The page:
>>1452346>LOL WUT?!?>There's been a coup in '14 and the military has full power
Military coups have been a fact of Ty political life since the first one, back in 1932, that deposed the absolute monarchy. The current junta is operating, officially, on paper, in a caretaker capacity (as have all Thailand's military regimes since 1976, which was about the last time the field marshals were more or less open about their desires to hold on in perpetuity), and planning on elections. Whenever these finally occur, they are guaranteed to be filthy dirty, but multiple parties will be taking part and the army's candidate is not guaranteed to win. It's a very far cry from the Socialst Republic of Vietnam, or the Lao People's Democratic Republic, where there is only ever going to be one party on the ballot and the results are foregone conclusions.>> it's officially ignored and thriving despite being illegal in both countries.>Except we know it's 14% GDP in the'90s so how much it must be now.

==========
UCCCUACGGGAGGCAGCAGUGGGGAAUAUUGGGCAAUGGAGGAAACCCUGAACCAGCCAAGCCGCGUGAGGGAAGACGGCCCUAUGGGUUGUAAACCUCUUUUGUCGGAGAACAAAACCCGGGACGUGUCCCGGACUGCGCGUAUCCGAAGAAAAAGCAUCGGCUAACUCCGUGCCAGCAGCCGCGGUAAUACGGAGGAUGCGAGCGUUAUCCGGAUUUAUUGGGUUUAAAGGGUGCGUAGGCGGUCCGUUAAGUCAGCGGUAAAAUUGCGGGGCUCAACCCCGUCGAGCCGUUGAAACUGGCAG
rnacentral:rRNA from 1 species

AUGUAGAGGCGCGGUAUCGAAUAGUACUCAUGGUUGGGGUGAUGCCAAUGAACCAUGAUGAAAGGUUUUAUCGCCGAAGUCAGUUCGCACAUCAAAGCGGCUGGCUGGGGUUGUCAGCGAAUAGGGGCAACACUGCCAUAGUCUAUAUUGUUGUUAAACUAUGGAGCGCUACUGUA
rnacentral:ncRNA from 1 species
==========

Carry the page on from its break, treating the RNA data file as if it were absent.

I don't trust that number. The size and power of the sex industry have always been exaggerated by mongers, and by academics, who not so coincidentally happen to include a large number of dirty old men. >I don't think you understand the importance of that number.
I have a literal doctorate in Thai politics and economics (OK, technically political economy, which is less economic than it sounds, but I also did a fair amount of economic analysis in graduate school), and taught about Thailand briefly in a short and undistinguished academic career before defecting to the private sector. I don't think you understand Thailand as well as you think you do.